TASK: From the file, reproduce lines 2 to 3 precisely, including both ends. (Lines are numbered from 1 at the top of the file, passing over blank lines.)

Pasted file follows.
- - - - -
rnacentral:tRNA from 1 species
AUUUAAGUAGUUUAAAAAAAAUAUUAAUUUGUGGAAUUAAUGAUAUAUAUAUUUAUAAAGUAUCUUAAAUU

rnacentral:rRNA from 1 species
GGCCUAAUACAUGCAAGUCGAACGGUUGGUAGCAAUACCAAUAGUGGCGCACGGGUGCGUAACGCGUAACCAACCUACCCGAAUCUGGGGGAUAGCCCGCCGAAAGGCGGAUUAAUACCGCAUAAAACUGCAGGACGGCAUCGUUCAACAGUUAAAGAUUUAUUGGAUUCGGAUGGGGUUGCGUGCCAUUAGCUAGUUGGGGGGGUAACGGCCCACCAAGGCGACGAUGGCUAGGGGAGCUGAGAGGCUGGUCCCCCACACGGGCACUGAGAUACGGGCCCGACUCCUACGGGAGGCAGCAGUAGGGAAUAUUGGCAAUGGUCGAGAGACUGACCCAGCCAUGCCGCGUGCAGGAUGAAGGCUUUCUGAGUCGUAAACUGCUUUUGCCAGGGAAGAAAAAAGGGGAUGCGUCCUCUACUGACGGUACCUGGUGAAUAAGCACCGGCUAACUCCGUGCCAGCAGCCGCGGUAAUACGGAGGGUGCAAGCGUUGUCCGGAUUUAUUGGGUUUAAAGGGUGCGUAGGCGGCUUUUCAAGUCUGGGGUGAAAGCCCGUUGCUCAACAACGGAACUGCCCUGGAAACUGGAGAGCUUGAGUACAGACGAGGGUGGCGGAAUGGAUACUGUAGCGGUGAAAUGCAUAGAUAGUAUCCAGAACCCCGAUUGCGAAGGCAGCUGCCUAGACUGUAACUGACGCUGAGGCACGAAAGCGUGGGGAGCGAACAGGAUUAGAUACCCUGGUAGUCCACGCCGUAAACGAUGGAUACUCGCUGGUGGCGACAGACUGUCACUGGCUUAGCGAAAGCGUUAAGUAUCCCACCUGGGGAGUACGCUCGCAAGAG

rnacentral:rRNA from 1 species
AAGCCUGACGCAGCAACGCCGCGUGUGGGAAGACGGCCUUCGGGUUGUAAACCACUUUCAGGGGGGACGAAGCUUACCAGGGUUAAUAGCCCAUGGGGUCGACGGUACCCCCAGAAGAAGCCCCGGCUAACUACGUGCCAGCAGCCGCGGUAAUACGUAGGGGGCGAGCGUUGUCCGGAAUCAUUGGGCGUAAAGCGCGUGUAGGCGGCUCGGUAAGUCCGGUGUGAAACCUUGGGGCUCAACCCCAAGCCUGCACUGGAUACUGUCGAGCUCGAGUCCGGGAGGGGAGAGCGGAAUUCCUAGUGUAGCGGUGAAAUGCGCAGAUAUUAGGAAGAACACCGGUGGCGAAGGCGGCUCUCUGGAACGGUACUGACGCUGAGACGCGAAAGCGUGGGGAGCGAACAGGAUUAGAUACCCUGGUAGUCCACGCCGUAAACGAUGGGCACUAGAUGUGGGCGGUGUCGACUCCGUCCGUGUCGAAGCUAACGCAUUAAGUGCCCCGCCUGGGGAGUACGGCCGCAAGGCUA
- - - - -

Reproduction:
AUUUAAGUAGUUUAAAAAAAAUAUUAAUUUGUGGAAUUAAUGAUAUAUAUAUUUAUAAAGUAUCUUAAAUU

rnacentral:rRNA from 1 species